Gannon University Receives SAEM Grant

Carnegie_logoPosted: January 27, 2015

The Society for Academic Emergency Medicine (SAEM) Foundation awarded a $10,000 grant to Gannon University, which will help fund a project aimed at improving the survival rate of patients in cardiac arrest. The proposal, titled "Comparison of Visual Centers of Attention Between Experienced and Novice Providers during a Simulated Cardiac Arrest," will study how teams of medical professionals work together during cardiac arrest resuscitation.

Jestin Carlson, M.D., the principal investigator for the project and adjunct lecturer at Gannon University, as well as the resident research director at Saint Vincent Hospital, and his co-principal investigator, Adam Frisch, MD, MS, assistant professor of emergency medicine in the Department of Emergency Medicine at Albany Medical College, will study how novice and more experienced care providers see and react to situations that arise during a resuscitation.

"If you're experienced, you incorporate what you've seen and act on it," Dr. Carlson said. "If you're not experienced, you don't know what to focus on, so we ultimately want to teach novice providers how to develop those skills to make them more effective in a clinical setting."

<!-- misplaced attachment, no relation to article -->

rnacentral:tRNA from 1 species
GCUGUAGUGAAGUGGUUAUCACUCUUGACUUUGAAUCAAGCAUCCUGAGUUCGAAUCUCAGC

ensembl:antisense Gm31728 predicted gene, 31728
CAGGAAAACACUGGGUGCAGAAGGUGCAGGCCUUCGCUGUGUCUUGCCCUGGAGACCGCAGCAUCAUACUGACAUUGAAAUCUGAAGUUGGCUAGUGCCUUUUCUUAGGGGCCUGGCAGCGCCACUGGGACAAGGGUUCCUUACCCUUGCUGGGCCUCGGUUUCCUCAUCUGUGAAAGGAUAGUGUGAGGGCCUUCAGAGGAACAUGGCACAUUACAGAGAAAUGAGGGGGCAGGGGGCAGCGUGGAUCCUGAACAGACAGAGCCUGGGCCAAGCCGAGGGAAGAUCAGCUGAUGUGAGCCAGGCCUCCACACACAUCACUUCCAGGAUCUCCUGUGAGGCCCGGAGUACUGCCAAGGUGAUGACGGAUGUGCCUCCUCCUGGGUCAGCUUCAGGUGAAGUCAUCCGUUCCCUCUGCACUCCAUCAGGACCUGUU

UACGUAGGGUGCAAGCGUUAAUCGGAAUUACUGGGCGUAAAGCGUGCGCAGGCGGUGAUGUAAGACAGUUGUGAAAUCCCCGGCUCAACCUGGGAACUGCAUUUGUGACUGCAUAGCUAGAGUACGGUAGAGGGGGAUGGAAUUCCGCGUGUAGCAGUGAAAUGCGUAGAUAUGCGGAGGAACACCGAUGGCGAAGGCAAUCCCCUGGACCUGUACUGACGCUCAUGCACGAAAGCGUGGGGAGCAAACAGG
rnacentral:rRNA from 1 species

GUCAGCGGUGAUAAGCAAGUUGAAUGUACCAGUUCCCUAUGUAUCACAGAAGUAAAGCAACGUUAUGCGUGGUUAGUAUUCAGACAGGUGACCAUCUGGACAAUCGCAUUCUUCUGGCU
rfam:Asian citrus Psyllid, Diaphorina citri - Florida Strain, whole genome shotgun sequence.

The ideal place to do this-indeed, the only place to do this, Dr. Carlson pointed out, is in a simulated setting. This study will use Gannon University's Patient Simulation Center. The center is the area's largest, with 15 medium- and high-fidelity patient simulators in a 5,800 square-foot facility that incorporates IV training stations, a computer lab and classroom seating for 40 students.

The center allows students from various health science disciplines to work together, as they would in a real-world clinical setting-precisely the kind of environment Dr. Carlson needs for his study. He said that a multi-disciplinary team of providers is necessary to effectively resuscitate a patient: one putting in the IV, another administering medications, and yet another ready to perform CPR.

Dr. Carlson, working with Gannon nursing professor Valerie Baker will simulate cardiac arrests using the simulation center's lifelike mannikins, and record the reactions of provider teams for later analysis.

Carlson said that the long-term goal of this project is to educate providers and save the lives of patients.

"I'd like to impact the education process for health care providers--not just nurses and doctors, but the [entire] team," Dr. Carlson said. "The overall survival rate for patients who suffer a cardiac arrest outside a clinical setting is about seven percent, but even small benefits can impact a large number of people."